1949 Mercury Roadster
Officially described as: ‘Bicycle, Trade Pattern, Heavy Duty’
Used at Gibraltar Military Base as Postal Bicycle
26 X 1 3/4 Tyres
This Mercury Military bicycle was used at the British Royal Naval base in Gibraltar. The top tube is painted red because it was the military base’s postal bike.
Apart from incorrect pedals, the bike is completely original. It is good condition except for damage to the handlebars, which can bee seen in close-up photos below.
It is becoming increasingly difficult to find military bicycles in good original, unrestored condition. Unfortunately, with little appreciation of either bicycles or preservation, military buffs have a habit of repainting them to match their jeeps.
They are only original once!
Mercury Industries (Birmingham) Ltd
Stratford Rd, Birmingham.
Registered Company Number 419738.
Mercury Industries was a mysterious company formed in 1946, probably by the government. Its military roadsters are now the most common ex-WD machines, though they’re not, of course, of WW2 vintage. They represent good value for money, however, if you wish to buy a military bicycle at a modest price. The good news is that if you buy one still in its original paint, the manufacturer’s transfers are nearly always intact. You can read more about Mercury by clicking on the link below.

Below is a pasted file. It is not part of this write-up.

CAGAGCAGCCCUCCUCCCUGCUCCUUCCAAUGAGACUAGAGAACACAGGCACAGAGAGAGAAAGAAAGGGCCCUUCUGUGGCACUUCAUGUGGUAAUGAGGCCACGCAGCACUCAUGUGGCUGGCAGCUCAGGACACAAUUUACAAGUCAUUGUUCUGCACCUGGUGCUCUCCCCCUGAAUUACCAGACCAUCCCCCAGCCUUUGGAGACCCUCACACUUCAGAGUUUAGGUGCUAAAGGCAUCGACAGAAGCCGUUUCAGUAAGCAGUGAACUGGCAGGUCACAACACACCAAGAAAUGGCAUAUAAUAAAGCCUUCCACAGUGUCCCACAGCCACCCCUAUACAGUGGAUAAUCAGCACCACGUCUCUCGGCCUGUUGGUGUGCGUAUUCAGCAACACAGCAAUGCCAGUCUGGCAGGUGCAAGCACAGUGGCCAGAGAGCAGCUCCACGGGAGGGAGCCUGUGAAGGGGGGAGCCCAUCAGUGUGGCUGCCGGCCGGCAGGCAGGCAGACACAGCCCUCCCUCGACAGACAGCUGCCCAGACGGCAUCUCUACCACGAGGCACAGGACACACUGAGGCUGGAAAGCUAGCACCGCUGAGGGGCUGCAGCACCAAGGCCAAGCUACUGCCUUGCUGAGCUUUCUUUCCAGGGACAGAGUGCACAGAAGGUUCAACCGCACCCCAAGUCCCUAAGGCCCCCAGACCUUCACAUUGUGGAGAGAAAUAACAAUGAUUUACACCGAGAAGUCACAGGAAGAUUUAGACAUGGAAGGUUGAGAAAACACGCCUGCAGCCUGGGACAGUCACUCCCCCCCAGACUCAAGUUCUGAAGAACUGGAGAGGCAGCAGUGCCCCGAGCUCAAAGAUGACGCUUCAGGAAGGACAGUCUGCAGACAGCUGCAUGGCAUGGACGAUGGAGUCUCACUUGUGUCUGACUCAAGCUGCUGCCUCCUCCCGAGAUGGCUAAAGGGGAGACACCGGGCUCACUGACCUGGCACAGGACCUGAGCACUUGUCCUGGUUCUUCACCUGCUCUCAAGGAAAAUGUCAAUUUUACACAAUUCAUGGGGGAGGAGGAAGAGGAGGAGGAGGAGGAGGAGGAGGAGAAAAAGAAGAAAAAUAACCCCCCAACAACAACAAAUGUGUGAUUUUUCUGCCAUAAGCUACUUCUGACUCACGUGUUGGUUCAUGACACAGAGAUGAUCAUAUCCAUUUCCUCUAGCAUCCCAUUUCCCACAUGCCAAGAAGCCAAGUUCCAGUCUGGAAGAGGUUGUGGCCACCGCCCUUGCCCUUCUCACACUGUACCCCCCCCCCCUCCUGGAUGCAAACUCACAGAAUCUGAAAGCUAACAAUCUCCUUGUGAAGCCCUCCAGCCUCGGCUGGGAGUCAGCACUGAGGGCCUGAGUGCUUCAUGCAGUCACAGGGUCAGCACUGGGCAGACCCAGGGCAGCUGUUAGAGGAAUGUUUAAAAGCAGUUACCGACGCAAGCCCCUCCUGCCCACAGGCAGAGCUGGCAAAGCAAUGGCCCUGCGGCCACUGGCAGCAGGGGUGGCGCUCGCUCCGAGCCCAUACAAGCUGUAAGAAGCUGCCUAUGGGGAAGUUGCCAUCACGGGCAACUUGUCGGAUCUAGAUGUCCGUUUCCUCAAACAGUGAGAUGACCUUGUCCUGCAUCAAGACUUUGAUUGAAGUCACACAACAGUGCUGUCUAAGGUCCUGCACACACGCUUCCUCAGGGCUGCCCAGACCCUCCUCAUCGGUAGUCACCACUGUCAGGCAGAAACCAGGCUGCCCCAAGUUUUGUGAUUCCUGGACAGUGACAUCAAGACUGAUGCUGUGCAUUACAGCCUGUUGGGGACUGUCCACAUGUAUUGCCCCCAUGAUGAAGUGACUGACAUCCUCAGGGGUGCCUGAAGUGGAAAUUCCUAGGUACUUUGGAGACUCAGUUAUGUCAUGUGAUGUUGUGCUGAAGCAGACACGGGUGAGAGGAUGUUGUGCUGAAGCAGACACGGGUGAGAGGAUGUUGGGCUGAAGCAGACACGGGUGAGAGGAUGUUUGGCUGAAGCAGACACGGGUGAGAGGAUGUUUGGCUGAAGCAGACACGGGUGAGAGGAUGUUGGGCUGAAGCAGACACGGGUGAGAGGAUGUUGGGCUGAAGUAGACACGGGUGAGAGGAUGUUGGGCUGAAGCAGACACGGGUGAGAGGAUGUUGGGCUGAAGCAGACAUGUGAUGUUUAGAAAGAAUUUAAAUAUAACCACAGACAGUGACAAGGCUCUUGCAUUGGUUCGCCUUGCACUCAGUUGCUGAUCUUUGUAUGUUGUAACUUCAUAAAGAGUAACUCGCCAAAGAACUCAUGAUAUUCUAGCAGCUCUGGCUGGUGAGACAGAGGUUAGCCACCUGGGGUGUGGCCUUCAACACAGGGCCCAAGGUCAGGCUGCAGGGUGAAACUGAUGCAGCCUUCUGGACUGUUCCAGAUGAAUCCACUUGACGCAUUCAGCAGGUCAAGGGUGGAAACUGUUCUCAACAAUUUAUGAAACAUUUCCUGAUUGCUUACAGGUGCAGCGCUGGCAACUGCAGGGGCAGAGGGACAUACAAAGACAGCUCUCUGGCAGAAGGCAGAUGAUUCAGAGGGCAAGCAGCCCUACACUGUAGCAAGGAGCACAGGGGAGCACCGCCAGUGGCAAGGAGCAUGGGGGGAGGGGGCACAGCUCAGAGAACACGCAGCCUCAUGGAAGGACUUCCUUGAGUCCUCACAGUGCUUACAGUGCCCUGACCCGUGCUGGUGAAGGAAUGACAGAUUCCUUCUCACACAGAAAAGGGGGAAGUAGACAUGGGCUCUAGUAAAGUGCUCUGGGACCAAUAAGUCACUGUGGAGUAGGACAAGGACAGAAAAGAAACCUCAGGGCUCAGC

GIBRALTAR MILITARY BASE
The name Gibraltar is the Spanish derivation of the Arabic name jabal Ṭāriq (جبل طارق), meaning ‘mountain of Tariq’ and named after Genral Tariq ibn-Ziyad who led the initial invasion of Spain by the Moors in the year 711.
An Anglo-Dutch force captured Gibraltar from the Kingdom of Castile in 1704 during the War of the Spanish Succession. The territory was subsequently ceded to Britain ‘in perpetuity’ under the Treaty of Utrecht.
Gibraltar became a key base for the British Navy and played an important role prior to the Battle of Trafalgar and during the Crimean War of 1854–56, due to its strategic location.